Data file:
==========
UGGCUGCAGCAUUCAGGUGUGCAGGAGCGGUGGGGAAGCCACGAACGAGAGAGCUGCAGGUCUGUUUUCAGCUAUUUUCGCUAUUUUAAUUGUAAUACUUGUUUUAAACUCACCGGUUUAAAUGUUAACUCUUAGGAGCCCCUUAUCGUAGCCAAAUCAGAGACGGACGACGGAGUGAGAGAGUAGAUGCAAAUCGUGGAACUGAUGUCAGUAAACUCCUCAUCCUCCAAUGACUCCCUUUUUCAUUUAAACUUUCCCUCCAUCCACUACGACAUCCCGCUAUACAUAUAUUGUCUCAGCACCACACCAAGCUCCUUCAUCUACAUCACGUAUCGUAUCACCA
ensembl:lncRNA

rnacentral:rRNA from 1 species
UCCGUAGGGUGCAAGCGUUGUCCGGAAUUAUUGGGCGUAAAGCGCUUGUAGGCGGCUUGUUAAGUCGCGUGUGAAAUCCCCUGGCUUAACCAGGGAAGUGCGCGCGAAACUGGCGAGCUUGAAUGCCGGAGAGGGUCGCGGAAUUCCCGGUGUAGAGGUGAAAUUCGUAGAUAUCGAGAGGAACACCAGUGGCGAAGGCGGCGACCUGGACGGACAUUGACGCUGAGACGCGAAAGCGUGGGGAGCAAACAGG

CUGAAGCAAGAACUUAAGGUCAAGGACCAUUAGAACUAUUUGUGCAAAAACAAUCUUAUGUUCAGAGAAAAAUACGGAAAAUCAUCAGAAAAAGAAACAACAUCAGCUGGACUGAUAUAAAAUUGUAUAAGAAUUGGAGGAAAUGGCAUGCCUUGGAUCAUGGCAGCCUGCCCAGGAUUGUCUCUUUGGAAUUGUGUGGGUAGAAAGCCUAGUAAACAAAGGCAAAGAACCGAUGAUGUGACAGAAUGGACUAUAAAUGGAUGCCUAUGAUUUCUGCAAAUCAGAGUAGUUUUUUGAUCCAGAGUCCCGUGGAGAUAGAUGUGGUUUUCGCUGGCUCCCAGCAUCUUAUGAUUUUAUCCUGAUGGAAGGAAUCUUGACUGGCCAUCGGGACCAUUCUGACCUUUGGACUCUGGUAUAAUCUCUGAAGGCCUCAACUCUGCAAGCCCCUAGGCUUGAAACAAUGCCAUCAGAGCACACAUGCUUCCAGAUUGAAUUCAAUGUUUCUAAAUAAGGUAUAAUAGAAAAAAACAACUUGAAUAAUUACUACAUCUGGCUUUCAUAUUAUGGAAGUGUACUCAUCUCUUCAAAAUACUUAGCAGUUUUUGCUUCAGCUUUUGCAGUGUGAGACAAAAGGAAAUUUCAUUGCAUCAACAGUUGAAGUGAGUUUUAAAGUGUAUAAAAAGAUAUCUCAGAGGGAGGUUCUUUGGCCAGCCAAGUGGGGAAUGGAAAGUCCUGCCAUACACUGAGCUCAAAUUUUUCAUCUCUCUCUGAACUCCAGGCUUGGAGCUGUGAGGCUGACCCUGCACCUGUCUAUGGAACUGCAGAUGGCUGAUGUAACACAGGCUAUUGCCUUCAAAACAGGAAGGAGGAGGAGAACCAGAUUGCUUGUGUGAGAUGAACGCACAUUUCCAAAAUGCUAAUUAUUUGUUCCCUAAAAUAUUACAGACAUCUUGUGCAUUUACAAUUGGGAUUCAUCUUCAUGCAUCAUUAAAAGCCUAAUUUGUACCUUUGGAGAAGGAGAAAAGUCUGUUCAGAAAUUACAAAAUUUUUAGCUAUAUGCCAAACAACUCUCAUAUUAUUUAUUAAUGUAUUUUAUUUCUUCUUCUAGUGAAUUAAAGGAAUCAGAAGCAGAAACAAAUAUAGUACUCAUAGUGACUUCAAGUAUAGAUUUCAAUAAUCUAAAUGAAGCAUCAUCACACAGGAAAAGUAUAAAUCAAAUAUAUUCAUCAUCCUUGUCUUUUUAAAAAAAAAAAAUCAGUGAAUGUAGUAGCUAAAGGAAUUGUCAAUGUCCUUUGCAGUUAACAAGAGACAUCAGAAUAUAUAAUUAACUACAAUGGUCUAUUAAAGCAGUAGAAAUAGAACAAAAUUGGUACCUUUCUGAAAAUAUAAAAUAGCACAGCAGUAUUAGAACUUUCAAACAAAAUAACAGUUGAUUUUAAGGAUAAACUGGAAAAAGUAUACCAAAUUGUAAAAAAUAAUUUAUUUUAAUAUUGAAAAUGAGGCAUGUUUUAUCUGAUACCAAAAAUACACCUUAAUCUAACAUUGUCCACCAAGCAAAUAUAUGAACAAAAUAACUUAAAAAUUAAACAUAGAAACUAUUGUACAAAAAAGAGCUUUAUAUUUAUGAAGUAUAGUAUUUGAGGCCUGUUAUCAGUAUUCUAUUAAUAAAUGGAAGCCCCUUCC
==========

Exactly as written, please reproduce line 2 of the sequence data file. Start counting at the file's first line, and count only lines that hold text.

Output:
ensembl:lncRNA